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The following is presented as part of The Columbian’s Opinion content, which offers a point of view in order to provoke thought and debate of civic issues. Opinions represent the viewpoint of the author. Unsigned editorials represent the consensus opinion of The Columbian’s editorial board, which operates independently of the news department.
News / Opinion

Cheers & Jeers

Voluntary alcohol restriction has an impact on downtown Vancouver

By Craig Brown, Columbian Editor
Published: November 8, 2009, 12:00am

heers: To downtown merchants and liquor wholesalers who have made a voluntary ban on sales of fortified beer and wine work. It wasn’t many years ago when downtown was an uncomfortable place, full of street alcoholics and the messes they left behind. In 2007, the city and businesses adopted a voluntary alcohol impact area and quit selling drinks whose main purpose is to make the user as intoxicated as possible for the money. It’s been two years now, and spot checks by police have turned up 100 percent compliance.

Apparently Vancouver is unique in having such success with a voluntary ban. Part of the credit goes to alcoholic beverage wholesaler C. Stein Distributing, which has worked to educate its customers about the need for compliance.

Jeers: To county Prosecutor Art Curtis and his deputies for pursuing more legal proceedings in the sad case of Clyde Ray Spencer. Ex-police officer Spencer spent more than 20 years in prison after being convicted of molesting his children. However, the case was riddled with holes and apparent improprieties throughout. Two of his three children say the abuse never happened, and that they were bullied by investigators. Eventually these irregularities came to the attention of Gov. Gary Locke, who commuted Spencer’s sentence in 2004.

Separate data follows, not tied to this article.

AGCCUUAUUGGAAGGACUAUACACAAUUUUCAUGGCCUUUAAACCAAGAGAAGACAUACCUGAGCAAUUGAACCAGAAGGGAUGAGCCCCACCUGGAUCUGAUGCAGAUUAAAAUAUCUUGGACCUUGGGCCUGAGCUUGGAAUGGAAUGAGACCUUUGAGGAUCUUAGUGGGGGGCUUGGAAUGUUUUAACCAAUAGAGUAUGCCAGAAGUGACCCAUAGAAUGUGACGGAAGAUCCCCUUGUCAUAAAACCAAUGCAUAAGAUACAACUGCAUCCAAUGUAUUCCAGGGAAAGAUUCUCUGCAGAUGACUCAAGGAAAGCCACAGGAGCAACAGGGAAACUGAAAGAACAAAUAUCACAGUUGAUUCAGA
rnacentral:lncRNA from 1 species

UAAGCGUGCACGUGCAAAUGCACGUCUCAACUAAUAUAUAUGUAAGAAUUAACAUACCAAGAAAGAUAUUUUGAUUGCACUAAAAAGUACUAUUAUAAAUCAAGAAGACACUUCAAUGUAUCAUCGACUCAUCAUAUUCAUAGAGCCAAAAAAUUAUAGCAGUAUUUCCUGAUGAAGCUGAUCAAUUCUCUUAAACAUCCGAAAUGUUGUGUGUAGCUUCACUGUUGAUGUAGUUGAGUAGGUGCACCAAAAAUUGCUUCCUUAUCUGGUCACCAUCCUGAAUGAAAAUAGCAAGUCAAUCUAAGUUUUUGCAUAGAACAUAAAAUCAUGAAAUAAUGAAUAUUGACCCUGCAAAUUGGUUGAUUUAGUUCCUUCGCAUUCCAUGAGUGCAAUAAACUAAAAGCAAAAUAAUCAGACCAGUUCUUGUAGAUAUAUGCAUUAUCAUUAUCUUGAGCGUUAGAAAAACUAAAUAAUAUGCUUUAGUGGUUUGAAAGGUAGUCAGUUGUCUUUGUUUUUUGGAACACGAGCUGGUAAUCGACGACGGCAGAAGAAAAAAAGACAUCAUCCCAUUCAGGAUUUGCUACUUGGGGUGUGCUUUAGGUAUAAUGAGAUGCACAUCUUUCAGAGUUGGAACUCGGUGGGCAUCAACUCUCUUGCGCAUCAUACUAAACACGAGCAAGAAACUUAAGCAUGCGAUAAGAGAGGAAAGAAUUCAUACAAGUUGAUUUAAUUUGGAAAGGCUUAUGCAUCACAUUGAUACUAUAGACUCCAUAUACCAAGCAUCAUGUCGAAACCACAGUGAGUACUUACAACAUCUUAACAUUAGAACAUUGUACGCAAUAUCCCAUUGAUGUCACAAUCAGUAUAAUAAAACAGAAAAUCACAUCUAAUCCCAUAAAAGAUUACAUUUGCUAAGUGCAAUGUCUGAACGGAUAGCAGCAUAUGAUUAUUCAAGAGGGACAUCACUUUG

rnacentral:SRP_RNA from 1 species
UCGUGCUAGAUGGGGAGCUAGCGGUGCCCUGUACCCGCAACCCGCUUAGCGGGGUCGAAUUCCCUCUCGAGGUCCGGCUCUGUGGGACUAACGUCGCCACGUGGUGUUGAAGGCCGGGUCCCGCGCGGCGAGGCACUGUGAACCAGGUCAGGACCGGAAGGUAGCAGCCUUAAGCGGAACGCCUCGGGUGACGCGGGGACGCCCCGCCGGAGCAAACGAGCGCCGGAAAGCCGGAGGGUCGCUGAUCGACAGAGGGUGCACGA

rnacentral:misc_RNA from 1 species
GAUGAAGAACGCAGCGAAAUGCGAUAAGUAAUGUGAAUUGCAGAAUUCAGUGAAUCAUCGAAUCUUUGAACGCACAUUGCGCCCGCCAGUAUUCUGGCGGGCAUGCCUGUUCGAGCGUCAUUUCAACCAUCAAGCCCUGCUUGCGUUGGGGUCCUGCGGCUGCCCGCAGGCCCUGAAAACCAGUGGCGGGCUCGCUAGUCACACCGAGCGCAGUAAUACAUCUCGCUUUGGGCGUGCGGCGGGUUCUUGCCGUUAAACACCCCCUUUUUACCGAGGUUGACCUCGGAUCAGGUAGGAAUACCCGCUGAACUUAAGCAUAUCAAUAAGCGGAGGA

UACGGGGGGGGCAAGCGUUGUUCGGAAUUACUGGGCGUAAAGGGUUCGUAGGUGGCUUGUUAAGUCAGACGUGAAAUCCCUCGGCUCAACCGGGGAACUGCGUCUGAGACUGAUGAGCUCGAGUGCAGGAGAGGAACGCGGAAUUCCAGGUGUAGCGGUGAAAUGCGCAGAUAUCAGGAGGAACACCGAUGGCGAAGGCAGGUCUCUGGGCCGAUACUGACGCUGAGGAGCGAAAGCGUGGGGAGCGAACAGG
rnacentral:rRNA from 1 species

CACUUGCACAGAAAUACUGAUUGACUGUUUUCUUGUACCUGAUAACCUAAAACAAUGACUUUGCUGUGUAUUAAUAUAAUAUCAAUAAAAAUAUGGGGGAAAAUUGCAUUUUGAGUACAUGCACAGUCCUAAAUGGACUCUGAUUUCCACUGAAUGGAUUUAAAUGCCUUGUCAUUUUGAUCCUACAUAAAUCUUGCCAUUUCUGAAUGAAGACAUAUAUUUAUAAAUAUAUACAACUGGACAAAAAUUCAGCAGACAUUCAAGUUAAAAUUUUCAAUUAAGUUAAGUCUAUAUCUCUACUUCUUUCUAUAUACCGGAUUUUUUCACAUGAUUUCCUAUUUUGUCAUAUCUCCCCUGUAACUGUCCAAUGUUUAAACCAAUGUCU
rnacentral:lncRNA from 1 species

After an appeals court ruled that Spencer’s criminal record should be expunged, Curtis and crew filed a motion for reconsideration. If justice is to be done, the case should be laid to rest, and Spencer should have a chance to reassemble the pieces of his life.

Cheers: To Seattle’s Fred Hutchinson Cancer Research Center and students at Heritage High School for combating teen smoking. Most smokers acquire the habit in their teen years, while they are still in school. Almost half of the student smokers said they wanted to quit, but only 4 percent were successful. By taking a new approach to counseling, the Hutchinson study, which included Heritage students, found that about 22 percent of smokers had achieved continuous quitting for six months.

Jeers: To would-be zip-line entrepreneur Derek Hoyte. While the chance to soar from tree to tree suspended by a wire is a thrill, Hoyte’s Skamania County property is the wrong place for it. Located in the Columbia River Gorge National Scenic Area, it’s covered with a U.S. Forest Service easement restricting the land to agricultural use.

That hasn’t stopped Hoyte, who put up lines without permits, then, after threatened with jail, announced he would operate a U-pick operation where people would ride zip lines to gather pine cones. That didn’t go far. Now he’s back with an application proposing a U-pick pumpkin and berry farm with zip lines. That makes no more sense than the original absurd proposal.

Cheers: To preserving the past. The 20,000 items in the Clark County Historical Museum’s archives are a trove of local history, but are fragile and hard to use. Enter Robert Schimelpfenig, an archivist at Washington State University Vancouver. He’s undertaken the big job of digitizing the images, labeling them, and storing them in an online database, which is backed up at the university’s main campus. Thanks to his work, images from our past will be safely preserved and accessible.

Jeers: To Washougal Mayor Stacee Sellers. When she isn’t misplacing or wastefully spending taxpayers’ money, she’s busy embarrassing herself. Witness this statement to the city council last week: “First of all, I want to apologize for the negative publicity that has resulted from this week’s audit report.” You don’t apologize for accurate and factual publicity — you apologize for the misdeeds. Cheers to the voters who swept her from office.